“There’s no way you can move toward value-based care without incorporating patient-generated health data,” argues Danny Sands, MD, an internist at Beth Israel Deaconess Medical Center in Boston, Massachusetts, and an assistant professor of medicine at Harvard Medical School. Read More
Who owns a patient’s medical records? While the answer might initially seem both simple and obvious, the truth has proven to be more complicated. While a patient is the subject of his/her medical information, it is customarily the physician who creates and stores a patient’s record.
Since first appearing in the 1960s, electronic health records (EHR) have been developed and adopted for the storage and retrieval of medical documents and clinical information.
Unmanned aerial vehicles (UAVs), better knowns as drones, are being studied for various medical applications, from carrying disaster relief aid to transporting transplant organs and blood samples. When it comes to medical emergencies, each moment is critical to patient survival.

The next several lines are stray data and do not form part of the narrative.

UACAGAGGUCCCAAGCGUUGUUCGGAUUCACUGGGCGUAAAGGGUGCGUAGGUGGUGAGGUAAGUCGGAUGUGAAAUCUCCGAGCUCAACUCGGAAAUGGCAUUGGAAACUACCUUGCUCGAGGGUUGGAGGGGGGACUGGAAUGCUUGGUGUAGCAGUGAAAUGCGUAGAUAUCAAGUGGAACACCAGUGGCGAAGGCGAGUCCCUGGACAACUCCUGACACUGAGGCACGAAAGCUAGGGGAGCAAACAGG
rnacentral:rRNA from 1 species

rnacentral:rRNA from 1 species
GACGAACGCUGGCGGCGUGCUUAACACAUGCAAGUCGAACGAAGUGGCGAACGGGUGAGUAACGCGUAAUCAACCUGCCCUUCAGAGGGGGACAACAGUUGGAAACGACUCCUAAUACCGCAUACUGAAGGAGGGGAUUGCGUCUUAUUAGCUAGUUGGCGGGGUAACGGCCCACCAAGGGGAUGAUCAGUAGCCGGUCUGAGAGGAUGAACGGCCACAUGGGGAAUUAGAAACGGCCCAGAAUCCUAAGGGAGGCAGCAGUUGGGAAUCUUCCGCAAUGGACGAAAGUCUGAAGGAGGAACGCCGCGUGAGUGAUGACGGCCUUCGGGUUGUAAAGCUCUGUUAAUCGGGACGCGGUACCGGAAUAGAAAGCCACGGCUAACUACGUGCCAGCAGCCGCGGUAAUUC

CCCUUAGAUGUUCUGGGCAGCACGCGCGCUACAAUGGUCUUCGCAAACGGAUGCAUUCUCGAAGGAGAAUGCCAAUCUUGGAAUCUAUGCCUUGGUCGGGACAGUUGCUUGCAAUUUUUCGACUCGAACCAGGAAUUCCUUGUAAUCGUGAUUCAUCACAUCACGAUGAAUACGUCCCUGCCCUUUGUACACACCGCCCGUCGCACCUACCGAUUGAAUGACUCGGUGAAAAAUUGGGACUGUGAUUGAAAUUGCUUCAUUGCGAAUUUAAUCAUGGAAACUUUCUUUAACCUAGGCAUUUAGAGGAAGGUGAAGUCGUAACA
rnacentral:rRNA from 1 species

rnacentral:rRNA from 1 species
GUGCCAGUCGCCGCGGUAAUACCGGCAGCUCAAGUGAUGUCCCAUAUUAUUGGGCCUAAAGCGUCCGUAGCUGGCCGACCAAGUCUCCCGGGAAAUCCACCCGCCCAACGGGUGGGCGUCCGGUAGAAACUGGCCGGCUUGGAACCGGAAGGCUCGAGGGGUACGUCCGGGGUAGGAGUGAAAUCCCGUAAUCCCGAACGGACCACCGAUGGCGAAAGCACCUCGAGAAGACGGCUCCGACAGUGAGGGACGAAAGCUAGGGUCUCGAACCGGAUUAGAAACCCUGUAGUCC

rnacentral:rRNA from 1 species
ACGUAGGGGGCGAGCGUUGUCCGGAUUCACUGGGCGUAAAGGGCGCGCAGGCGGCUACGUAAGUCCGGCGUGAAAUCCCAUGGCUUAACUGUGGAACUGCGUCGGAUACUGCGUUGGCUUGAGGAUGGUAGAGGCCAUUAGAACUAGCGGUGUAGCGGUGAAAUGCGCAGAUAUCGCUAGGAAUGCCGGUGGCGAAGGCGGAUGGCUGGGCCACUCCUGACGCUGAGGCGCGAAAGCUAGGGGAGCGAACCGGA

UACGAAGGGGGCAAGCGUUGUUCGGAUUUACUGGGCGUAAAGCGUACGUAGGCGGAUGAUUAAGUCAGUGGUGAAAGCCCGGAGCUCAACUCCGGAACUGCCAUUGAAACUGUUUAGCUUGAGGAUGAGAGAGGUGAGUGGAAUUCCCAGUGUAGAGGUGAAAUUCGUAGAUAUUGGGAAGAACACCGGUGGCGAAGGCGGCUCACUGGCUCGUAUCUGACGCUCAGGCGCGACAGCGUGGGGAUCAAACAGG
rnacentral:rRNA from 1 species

Is science reality starting to resemble science fiction? Recently, researchers from multiple universities wrote a paper in Frontiers in Human Neuroscience that purportedly showed how AI can predict people’s personalities by studying their eye movements.
Radio Frequency Identification is a technology that uses radio waves for data collection and transfer, often without human intervention—and it is being increasingly used by healthcare organizations to potentially reduce risk.
It is widely known that exercise and physical activity help combat chronic disease, and promote overall health & wellness; yet in the past decade, there has been a proliferation of specific devices and methods to promote more frequent exercise.
Recently emerging innovative technology could dramatically change how millions of people monitor their blood sugar levels: an approach that utilizes artificial intelligence (AI) and radar technology, including high-frequency radio waves to monitor blood sugar levels without the need for finger pricking.
A team of researchers at the University of Illinois have come up with a microscope system that can image living tissue in real time and in molecular detail, without any chemicals or dyes. The new technology could boost cancer study.